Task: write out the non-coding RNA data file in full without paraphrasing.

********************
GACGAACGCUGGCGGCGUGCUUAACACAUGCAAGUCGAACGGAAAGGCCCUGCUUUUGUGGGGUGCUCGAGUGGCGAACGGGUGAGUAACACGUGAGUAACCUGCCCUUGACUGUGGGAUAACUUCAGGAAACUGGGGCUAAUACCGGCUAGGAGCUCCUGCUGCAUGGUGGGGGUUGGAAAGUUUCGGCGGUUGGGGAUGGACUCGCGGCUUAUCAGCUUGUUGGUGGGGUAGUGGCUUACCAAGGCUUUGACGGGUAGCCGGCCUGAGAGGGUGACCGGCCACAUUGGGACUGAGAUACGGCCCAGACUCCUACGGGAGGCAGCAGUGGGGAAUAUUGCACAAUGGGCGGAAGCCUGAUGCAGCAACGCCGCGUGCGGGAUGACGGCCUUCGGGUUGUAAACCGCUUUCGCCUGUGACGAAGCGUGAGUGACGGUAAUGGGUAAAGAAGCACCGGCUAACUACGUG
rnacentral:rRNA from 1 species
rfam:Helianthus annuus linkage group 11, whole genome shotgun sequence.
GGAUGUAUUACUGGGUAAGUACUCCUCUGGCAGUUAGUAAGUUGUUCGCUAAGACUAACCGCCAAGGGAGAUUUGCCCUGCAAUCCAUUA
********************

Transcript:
GACGAACGCUGGCGGCGUGCUUAACACAUGCAAGUCGAACGGAAAGGCCCUGCUUUUGUGGGGUGCUCGAGUGGCGAACGGGUGAGUAACACGUGAGUAACCUGCCCUUGACUGUGGGAUAACUUCAGGAAACUGGGGCUAAUACCGGCUAGGAGCUCCUGCUGCAUGGUGGGGGUUGGAAAGUUUCGGCGGUUGGGGAUGGACUCGCGGCUUAUCAGCUUGUUGGUGGGGUAGUGGCUUACCAAGGCUUUGACGGGUAGCCGGCCUGAGAGGGUGACCGGCCACAUUGGGACUGAGAUACGGCCCAGACUCCUACGGGAGGCAGCAGUGGGGAAUAUUGCACAAUGGGCGGAAGCCUGAUGCAGCAACGCCGCGUGCGGGAUGACGGCCUUCGGGUUGUAAACCGCUUUCGCCUGUGACGAAGCGUGAGUGACGGUAAUGGGUAAAGAAGCACCGGCUAACUACGUG
rnacentral:rRNA from 1 species
rfam:Helianthus annuus linkage group 11, whole genome shotgun sequence.
GGAUGUAUUACUGGGUAAGUACUCCUCUGGCAGUUAGUAAGUUGUUCGCUAAGACUAACCGCCAAGGGAGAUUUGCCCUGCAAUCCAUUA